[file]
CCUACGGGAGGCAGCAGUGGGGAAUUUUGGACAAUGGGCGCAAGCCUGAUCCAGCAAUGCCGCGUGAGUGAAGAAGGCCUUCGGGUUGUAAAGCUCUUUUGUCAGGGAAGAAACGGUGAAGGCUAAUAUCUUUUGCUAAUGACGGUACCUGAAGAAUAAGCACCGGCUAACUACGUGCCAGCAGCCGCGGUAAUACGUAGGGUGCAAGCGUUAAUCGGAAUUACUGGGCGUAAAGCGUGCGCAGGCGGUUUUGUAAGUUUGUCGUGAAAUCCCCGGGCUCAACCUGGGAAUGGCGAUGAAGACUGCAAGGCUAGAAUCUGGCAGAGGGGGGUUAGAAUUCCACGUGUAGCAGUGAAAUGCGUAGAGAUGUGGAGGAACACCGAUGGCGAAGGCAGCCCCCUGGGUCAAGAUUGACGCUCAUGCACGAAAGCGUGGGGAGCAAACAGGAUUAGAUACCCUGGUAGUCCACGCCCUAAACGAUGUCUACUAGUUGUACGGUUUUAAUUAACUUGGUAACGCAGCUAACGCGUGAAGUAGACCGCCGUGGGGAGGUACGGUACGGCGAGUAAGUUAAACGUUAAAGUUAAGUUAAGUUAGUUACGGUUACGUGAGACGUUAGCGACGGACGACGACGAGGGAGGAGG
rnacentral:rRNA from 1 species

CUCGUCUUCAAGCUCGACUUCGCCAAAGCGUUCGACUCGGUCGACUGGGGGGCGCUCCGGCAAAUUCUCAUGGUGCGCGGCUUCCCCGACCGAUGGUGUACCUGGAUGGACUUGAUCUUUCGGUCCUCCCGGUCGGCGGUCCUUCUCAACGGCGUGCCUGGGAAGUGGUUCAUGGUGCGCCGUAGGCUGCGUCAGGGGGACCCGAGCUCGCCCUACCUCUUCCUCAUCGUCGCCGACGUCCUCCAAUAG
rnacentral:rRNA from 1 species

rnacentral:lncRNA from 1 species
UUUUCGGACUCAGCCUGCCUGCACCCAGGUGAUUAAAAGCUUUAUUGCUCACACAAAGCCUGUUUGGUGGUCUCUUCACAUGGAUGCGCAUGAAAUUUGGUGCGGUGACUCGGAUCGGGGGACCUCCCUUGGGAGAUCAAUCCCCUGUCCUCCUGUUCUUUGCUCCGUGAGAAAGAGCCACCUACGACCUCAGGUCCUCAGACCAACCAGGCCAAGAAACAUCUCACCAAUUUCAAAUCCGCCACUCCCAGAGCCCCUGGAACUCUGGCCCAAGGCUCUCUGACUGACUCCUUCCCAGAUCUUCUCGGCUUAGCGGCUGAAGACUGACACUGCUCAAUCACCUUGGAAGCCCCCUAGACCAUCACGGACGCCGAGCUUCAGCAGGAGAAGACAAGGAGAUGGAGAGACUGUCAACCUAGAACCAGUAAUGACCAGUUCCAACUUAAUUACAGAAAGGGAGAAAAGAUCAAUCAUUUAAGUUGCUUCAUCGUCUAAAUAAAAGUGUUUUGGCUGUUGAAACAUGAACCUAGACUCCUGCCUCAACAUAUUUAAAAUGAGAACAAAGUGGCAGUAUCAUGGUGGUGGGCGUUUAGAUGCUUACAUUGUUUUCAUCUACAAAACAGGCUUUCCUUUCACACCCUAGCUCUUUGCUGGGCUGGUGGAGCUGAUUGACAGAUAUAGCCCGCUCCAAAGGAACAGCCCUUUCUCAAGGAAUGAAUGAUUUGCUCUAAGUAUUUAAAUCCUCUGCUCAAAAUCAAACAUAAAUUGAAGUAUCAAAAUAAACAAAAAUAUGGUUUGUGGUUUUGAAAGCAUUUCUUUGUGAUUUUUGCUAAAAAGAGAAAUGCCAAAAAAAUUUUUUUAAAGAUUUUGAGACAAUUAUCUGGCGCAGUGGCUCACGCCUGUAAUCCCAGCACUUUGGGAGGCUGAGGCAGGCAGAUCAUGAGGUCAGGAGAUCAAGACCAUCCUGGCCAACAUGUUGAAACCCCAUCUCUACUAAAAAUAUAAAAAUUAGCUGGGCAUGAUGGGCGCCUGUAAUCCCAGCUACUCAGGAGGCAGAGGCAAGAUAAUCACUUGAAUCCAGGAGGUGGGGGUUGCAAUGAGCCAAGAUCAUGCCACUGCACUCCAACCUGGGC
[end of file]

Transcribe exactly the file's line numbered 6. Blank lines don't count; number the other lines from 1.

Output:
UUUUCGGACUCAGCCUGCCUGCACCCAGGUGAUUAAAAGCUUUAUUGCUCACACAAAGCCUGUUUGGUGGUCUCUUCACAUGGAUGCGCAUGAAAUUUGGUGCGGUGACUCGGAUCGGGGGACCUCCCUUGGGAGAUCAAUCCCCUGUCCUCCUGUUCUUUGCUCCGUGAGAAAGAGCCACCUACGACCUCAGGUCCUCAGACCAACCAGGCCAAGAAACAUCUCACCAAUUUCAAAUCCGCCACUCCCAGAGCCCCUGGAACUCUGGCCCAAGGCUCUCUGACUGACUCCUUCCCAGAUCUUCUCGGCUUAGCGGCUGAAGACUGACACUGCUCAAUCACCUUGGAAGCCCCCUAGACCAUCACGGACGCCGAGCUUCAGCAGGAGAAGACAAGGAGAUGGAGAGACUGUCAACCUAGAACCAGUAAUGACCAGUUCCAACUUAAUUACAGAAAGGGAGAAAAGAUCAAUCAUUUAAGUUGCUUCAUCGUCUAAAUAAAAGUGUUUUGGCUGUUGAAACAUGAACCUAGACUCCUGCCUCAACAUAUUUAAAAUGAGAACAAAGUGGCAGUAUCAUGGUGGUGGGCGUUUAGAUGCUUACAUUGUUUUCAUCUACAAAACAGGCUUUCCUUUCACACCCUAGCUCUUUGCUGGGCUGGUGGAGCUGAUUGACAGAUAUAGCCCGCUCCAAAGGAACAGCCCUUUCUCAAGGAAUGAAUGAUUUGCUCUAAGUAUUUAAAUCCUCUGCUCAAAAUCAAACAUAAAUUGAAGUAUCAAAAUAAACAAAAAUAUGGUUUGUGGUUUUGAAAGCAUUUCUUUGUGAUUUUUGCUAAAAAGAGAAAUGCCAAAAAAAUUUUUUUAAAGAUUUUGAGACAAUUAUCUGGCGCAGUGGCUCACGCCUGUAAUCCCAGCACUUUGGGAGGCUGAGGCAGGCAGAUCAUGAGGUCAGGAGAUCAAGACCAUCCUGGCCAACAUGUUGAAACCCCAUCUCUACUAAAAAUAUAAAAAUUAGCUGGGCAUGAUGGGCGCCUGUAAUCCCAGCUACUCAGGAGGCAGAGGCAAGAUAAUCACUUGAAUCCAGGAGGUGGGGGUUGCAAUGAGCCAAGAUCAUGCCACUGCACUCCAACCUGGGC